In the Northern Virginia and Hampton Roads districts, congestion mitigation is given the highest weight. Other districts weigh criteria differently, depending upon regional priorities. More rural districts, for instance, tend to give economic development higher priority.
The Smart Scale process assigns the following weights to different scoring criteria in Northern Virginia and Hampton Roads:
- 45% Congestion mitigation. The Virginia Department of Transportation (VDOT) uses a Travel Demand Model to calculate the project’s peak-period throughput in total number of people and reduction in person-hours of delay.
- 20% Land use. VDOT calculates the project’s impact on land use in regions with more than 200,000 population, recognizing that certain human settlement patterns — particularly dense, mixed-use projects — generate fewer traffic trips per household than others. Says Donohue: “The land use measure looks at how can we facilitate more growth that has a lower impact on the transportation network.”
- 15% Accessibility. Accessibility measures a project’s ability to increase the access to jobs of people generally, and disadvantaged populations specifically. A GIS tool calculates the number of additional jobs accessed per person.
- 10% Environmental quality. This yardstick measures a project’s impact on air quality, wetlands and other environmental factors.
- 5% Safety. This measure estimates a project’s expected impact on the number of moderate injuries, severe injuries, and fatalities.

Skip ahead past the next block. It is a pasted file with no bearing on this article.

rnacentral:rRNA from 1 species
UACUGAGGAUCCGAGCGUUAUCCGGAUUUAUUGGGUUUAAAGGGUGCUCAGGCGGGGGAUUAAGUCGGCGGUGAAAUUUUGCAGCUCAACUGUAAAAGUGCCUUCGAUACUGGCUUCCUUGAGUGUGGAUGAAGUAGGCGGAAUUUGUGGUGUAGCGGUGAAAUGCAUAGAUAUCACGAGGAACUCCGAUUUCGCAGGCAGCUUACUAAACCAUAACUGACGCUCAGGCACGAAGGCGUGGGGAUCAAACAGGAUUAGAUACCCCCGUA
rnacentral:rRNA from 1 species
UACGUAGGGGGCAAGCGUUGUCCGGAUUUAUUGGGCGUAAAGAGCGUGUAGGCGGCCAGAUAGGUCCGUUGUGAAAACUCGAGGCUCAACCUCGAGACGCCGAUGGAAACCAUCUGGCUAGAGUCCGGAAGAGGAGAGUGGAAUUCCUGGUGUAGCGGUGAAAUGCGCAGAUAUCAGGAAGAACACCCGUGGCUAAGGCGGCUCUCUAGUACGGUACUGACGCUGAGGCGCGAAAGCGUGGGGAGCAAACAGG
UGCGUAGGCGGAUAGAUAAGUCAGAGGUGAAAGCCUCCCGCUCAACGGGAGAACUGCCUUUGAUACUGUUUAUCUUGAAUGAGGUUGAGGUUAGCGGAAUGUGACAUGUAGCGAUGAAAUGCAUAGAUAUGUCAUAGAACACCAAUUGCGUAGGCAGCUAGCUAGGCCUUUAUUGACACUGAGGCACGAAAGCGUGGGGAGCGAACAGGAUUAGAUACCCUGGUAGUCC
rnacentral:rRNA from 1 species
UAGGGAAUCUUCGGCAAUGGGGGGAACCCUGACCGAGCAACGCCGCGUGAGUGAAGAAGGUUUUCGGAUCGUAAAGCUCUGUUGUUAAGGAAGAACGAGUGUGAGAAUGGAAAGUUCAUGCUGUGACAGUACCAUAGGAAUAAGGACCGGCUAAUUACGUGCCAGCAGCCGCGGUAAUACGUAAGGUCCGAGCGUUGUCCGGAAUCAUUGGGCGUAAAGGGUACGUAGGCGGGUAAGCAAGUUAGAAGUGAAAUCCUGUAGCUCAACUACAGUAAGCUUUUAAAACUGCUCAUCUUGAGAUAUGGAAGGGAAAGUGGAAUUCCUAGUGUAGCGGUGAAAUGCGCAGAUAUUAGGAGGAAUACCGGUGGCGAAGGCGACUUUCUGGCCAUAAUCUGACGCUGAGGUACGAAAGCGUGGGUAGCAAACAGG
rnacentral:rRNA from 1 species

- 5% Economic development. This category measures the square footage of commercial/industrial space supported, improvements to travel-time reliability, and tons of freight impacted. The economic impact improves with proximity to ports, airports, warehouses, and intermodal facilities.
After crunching the numbers and getting values for six categories and 14 sub-categories, the Smart Scale model produces a “normalized measure” for each. This is critical in the LaRock-Donohuse debate. According to VDOT’s “How to Read a Scorecard,” the value is “normalized as a percentage of the highest Measure Value in that year’s cohort of projects.” Thus, if a project garners an exceptionally high score for congestion mitigation — 100 in the case of the Hampton Roads Bridge Tunnel — all other projects will measured as a percentage of that high score, giving them relatively low normalized measures.
The normalized measure is then multiplied by its weight (45% in Northern Virginia in the case of congestion mitigation projects) to yield a “factor value.” Then follows a series of synthesized values including weighted factor value, project benefit, Smart Scale Cost, and Smart Scale score.
Route 7 versus Crystal City Metro
VDOT publishes a scorecard and detailed statistics for each project. The scorecard for the Route 7 project in Loudoun County would make safety and operational improvements between Route 9 and the Dulles Greenway toll road. The project would cost an estimated $127 million dollars. The methodology estimates that rush hour capacity would increase by 1,548 persons daily and the rush hour delay would be reduced by 529 person hours. But by comparison to the Hampton Roads Bridge-Tunnel, Route 7 warrants a “normalized measure value” of only 5.5 on a 100 scale, thus severely diminishing the weight given to the project’s most important benefit.